The six ships were forced to change course and head for Ashdod. After returning to Britain, Colborne explained: “We were kidnapped, we were deprived of our liberty and our belongings. People were illegally held against their will, taken to Israel from international waters. In terms of treatment, in terms of our basic rights they were completely and totally violated.” She expressed her hope that “the deaths, the horrific deaths, of the people will not be in vain.”
My former colleague said something then that, ten years down the line, we say again: “We can’t sit by and watch Israel violate international law every day. We want the British government to take action, ensure there are no future attacks on humanitarian aid convoys.”
However, not only have successive British governments not taken any action to sanction Israel for its crimes or insist that the siege on Gaza is lifted, but the rest of the world has also allowed Israel to get away, literally, with the murder of ten unarmed activists who were killed simply for trying to reach the Gaza Strip and deliver much-needed humanitarian aid.
Turkey started the process of prosecuting and seeking life sentences for the alleged involvement of former Israel Defence Forces chief of staff Gabi Ashkenazi, former navy chief Eliezer Marom, former military intelligence head Amos Yadlin and former air force intelligence chief Avishai Levy, who were all put on trial in absentia in 2012. However, the charges were eventually dropped following diplomatic reconciliation between Turkey and Israel in 2016. Ashkenazi is now Israel’s Foreign Minister in the newly-formed government.
Israel continues to avoid being held to account thanks to the diplomatic, political and economic cover provided by its allies. And the killing of unarmed protesters and activists has continued.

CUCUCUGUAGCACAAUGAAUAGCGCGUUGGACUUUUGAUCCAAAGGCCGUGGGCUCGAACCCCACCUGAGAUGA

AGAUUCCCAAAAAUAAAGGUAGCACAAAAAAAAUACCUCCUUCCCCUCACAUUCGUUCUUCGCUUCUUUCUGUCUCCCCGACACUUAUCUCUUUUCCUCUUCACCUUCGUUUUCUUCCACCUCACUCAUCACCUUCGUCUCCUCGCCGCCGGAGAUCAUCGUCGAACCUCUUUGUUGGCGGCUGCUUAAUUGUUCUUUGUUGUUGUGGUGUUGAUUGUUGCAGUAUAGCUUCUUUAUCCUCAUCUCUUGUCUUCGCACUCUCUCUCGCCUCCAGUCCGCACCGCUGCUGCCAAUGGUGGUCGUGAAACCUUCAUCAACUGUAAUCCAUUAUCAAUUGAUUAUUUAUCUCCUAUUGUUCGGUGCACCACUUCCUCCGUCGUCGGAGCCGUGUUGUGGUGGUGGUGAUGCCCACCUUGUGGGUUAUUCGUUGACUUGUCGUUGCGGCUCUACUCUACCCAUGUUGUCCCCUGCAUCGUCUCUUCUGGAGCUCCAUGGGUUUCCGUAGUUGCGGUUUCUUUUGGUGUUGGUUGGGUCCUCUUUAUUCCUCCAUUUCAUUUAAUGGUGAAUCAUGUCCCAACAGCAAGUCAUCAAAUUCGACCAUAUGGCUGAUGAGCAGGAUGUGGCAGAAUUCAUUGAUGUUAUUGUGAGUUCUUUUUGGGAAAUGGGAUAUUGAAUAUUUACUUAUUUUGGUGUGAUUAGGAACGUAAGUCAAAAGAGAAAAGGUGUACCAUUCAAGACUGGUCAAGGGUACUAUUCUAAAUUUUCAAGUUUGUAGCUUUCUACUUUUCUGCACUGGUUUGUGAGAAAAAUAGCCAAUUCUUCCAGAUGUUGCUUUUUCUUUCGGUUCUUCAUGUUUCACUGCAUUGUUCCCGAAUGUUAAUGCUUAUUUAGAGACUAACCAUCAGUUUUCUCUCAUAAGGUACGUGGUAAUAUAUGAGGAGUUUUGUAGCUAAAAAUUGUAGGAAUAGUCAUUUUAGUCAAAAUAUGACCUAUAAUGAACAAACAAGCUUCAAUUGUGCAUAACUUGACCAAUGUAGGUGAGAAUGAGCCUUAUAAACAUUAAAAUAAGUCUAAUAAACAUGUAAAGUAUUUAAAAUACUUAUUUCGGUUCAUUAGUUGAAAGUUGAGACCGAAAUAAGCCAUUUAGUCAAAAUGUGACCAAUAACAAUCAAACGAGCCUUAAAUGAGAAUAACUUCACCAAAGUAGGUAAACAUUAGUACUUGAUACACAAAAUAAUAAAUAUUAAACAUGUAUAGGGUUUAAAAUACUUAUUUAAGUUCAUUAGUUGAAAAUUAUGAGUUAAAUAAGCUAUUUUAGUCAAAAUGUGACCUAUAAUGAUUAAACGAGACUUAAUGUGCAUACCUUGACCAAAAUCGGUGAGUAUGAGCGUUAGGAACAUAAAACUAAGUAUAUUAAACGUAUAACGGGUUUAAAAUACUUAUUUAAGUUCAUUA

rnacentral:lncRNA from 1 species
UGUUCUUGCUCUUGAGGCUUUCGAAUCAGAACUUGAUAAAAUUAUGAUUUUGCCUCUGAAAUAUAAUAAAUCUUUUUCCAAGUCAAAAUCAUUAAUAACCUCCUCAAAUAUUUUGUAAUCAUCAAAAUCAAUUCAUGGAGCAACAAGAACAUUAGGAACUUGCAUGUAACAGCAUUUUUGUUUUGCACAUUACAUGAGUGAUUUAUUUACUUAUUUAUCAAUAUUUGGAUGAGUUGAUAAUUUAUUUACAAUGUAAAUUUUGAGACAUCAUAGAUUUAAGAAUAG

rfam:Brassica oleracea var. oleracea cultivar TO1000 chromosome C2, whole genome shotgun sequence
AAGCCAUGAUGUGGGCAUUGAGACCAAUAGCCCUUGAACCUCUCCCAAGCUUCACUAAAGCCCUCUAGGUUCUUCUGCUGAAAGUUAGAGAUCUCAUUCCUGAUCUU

In March 2018, Palestinians in the Gaza Strip established the weekly Great March of Return protests alongside the fence that separates more than 80 per cent of them from their original homes in what is now called Israel, demanding their legitimate right to return to their land. In response, Israeli snipers opened fire, as they have done ever since. To date, more than 200 Palestinian civilians have been killed by the Israeli soldiers, including journalists and medics; tens of thousands more have been wounded, many with life-changing injuries, Yet again, the west has stood with the aggressor, backing Israel against the victims of its brutal military occupation.
The cumulative impunity and lack of accountability that Israel enjoys did not start with the Mavi Marmara piracy, hijacking and killings, and has not ended with the Great March of Return shootings. The Palestinian people and their supporters continue to accumulate anniversaries to mark, very few of which they can mark with any degree of happiness. Whether it is the 1948 Nakba itself and the massacres that the Zionists and nascent Israeli state carried out then, including Deir Yassin; the 30 September 2000 killing of 12-year-old Muhammad Al-Durrah; or the killing of 21-year-old volunteer medic Razan Al-Najjar on 1 June 2018, it is inexplicable in a world which proclaims “universal human rights” that Israel has and continues to enjoy complete immunity from sanctions and prosecution.
We must not allow the memory of the ten who lost their lives on the Mavi Marmara to fade, for they are symbolic of everyone else who has lost their life in the cause of Palestinian freedom. We should also thank and remember the many others who took part in the Freedom Flotilla and survived to keep their colleagues’ memories alive as they continue to support the Palestinian struggle.
Israel’s criminal actions in 2010, and those in the decades before and since must never be forgotten. We have a duty to keep them in the public domain so that those shameless individuals and governments which claim that Israel upholds western values of democracy and human rights see it for the rogue, pariah state that it truly is.
Let us, therefore, remember Ibrahim Bilgen, Çetin Topçuoğlu, Furkan Doğan, Cengiz Akyüz, Ali Heyder Bengi, Cevdet Kılıçlar, Cengiz Songür, Fahri Yaldız, Necdet Yıldırım and Ugur Suleyman Soylemez. They paid the ultimate price trying to help a besieged people. We must neither forget them and their sacrifice, nor forgive those involved in bringing their lives to a premature and brutal end.